Fun with reflection: Invoking a private method

I was recently working on a project where the use of reflection became one of the proposed solutions.  Before I go any further, allow me to preface this by saying that reflection can be costly and have negative performance impacts.  It is not always type safe and may lead to run-time exceptions.  Other alternatives should be considered before committing to using reflection as a solution. 

The scenario we had was we needed to access a private method inside a legacy .NET assembly.  I'm not going to get into the reasons why.  The alternative was to duplicate all of the logic that was needed from legacy code.  I mentioned to a co-worker that we could use reflection to invoke a private method.  He was skeptical so I provided him with the following spike solution code showing how to do just that. It's a simple, but complete working example that I thought I would share with all of you.

  1. using System;
  2. using System.Collections.Generic;
  3. using System.Reflection;
  5. namespace ConsoleApplication1 {
  6.     class Program {
  7.         static void Main(string[] args) {
  8.             HelloWorld hw = new HelloWorld();
  10.             hw.SayWhatsUp();
  11.    = "World";
  13.             BindingFlags eFlags = BindingFlags.Instance | BindingFlags.Public | BindingFlags.NonPublic;
  14.             MethodInfo hi = null;
  16.             hi = hw.GetType().GetMethod("SayHi", eFlags);
  18.             object[] a = new List<object>().ToArray();
  19.             if (hi != null) {
  20.                 hi.Invoke(hw, a);
  21.             } else {
  22.                 Console.WriteLine("Method Not Found.");
  23.             }
  25.             Console.ReadLine();
  26.         }
  27.     }
  30.     public class HelloWorld {
  31.         public string name { get; set; }
  33.         public void SayWhatsUp() {
  34.             Console.WriteLine("Whats Up");
  35.         }
  37.         private void SayHi() {
  38.             Console.WriteLine("Hi " + name);
  39.         }
  40.     }
  41. }

When to trust that gut feeling...

This week has emphasized some common knowledge that I went against earlier this week. Monday morning I wasn't feeling well but figured I could make it through the day. When I got to work, I was informed of a bug in our production code that I had introduced a few months ago. Though the problem had existed for a few months, it was considered critical and needed to be fixed immediately. Despite not feeling up to par, I began investigating the issue. As my day progressed, I began to feel worse yet I continued to work at the problem. By mid-day, I was nearly complete with a solution one of my team members suggested despite having a gut feeling it wasn't quite right. I couldn't explain how it wasn't right or prove it wasn't the perfect solution so I went with it. I rushed through what I felt was a complete solution and did some quick testing. Everything seemed to work and I needed to go home. I felt like I was beginning to develop a fever.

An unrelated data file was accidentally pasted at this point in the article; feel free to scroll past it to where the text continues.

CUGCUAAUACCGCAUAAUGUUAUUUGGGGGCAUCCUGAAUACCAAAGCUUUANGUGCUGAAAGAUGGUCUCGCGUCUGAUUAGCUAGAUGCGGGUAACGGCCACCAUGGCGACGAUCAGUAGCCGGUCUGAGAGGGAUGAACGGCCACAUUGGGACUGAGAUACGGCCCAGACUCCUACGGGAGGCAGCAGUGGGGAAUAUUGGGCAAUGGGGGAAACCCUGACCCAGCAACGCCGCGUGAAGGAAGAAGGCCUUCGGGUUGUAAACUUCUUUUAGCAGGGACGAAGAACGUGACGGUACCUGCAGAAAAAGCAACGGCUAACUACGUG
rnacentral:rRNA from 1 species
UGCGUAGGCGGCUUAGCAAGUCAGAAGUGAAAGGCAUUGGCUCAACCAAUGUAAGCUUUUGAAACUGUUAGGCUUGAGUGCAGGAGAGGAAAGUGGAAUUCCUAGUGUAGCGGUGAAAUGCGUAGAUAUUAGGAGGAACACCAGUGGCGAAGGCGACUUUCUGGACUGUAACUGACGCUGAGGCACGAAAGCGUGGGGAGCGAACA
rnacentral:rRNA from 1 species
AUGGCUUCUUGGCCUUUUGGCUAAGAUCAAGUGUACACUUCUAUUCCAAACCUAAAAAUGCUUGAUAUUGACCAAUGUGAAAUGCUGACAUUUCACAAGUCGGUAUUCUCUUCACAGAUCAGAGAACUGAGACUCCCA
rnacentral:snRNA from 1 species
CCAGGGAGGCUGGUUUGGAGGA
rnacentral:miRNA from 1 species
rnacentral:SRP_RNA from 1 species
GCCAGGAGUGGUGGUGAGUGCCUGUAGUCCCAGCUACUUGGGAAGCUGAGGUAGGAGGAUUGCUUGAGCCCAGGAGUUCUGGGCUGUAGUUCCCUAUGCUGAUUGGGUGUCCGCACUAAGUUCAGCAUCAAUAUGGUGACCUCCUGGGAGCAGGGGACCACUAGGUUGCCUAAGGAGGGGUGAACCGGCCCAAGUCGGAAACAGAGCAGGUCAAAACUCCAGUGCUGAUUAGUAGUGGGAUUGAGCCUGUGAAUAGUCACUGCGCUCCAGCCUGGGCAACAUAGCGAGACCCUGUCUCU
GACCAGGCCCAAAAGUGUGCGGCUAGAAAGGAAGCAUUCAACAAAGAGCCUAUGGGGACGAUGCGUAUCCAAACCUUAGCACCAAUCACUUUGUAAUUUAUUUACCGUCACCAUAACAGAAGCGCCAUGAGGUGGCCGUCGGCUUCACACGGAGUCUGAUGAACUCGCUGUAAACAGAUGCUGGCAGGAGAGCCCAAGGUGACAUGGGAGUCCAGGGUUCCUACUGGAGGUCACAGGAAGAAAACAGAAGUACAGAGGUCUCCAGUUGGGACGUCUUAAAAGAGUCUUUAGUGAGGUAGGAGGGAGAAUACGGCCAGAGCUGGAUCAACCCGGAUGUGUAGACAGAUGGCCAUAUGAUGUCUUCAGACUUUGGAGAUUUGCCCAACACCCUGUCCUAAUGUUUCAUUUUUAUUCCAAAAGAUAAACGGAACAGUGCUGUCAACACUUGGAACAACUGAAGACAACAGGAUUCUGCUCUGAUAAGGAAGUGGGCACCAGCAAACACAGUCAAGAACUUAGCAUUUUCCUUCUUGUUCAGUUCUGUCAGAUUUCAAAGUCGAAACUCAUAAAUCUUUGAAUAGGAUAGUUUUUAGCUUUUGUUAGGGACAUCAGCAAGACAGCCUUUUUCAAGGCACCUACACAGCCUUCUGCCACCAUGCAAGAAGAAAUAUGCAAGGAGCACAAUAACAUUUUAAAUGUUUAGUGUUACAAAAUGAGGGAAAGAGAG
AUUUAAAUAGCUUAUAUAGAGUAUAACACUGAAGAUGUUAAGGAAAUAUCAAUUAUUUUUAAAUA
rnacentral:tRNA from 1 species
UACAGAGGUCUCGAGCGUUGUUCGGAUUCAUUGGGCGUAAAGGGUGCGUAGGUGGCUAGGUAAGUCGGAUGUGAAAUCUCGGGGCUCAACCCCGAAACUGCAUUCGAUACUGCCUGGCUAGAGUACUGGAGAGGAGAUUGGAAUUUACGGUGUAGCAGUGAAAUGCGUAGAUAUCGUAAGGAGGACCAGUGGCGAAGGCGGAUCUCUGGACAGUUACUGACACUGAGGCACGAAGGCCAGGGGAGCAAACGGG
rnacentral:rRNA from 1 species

I quickly deployed the changes to our TEST environment and updated my team on what I had done. I then went home and went to bed. I basically slept through the night and called in sick on Tuesday. My technical lead confirmed that QA had signed off on the hot fix I prepared and formalized the paperwork for deployment. It went out early Tuesday afternoon seeming to have resolved the existing issue.

Fast forward a few days to today...Friday. Whatever bug I had earlier in the week has long since passed. Around 2:45pm today, I received an email depicting an exception that the application I had worked on was causing. Again, it was deemed as critical for billing and payroll purposes. Needless to say, it needed to be fixed immediately. Investigating the bug revealed that the hot fix that was pushed out on Tuesday has now caused this new issue which requires a hot fix. I tried my best to resolve the issue by the end of day but with each fix I added a new error occurred. I certainly wasn't going to push out a hot fix that is known to be flawed and hasn't been tested at 5:00pm on a Friday. The fix will have to wait until Monday.

I think there are a few important lessons to be learned here:
1. Don't be a hero. If you aren't feeling well, just call in sick.
2. Don't work on critical code unless you are thinking clearly.
3. Don't rush critical fixes no matter how trivial they may seem.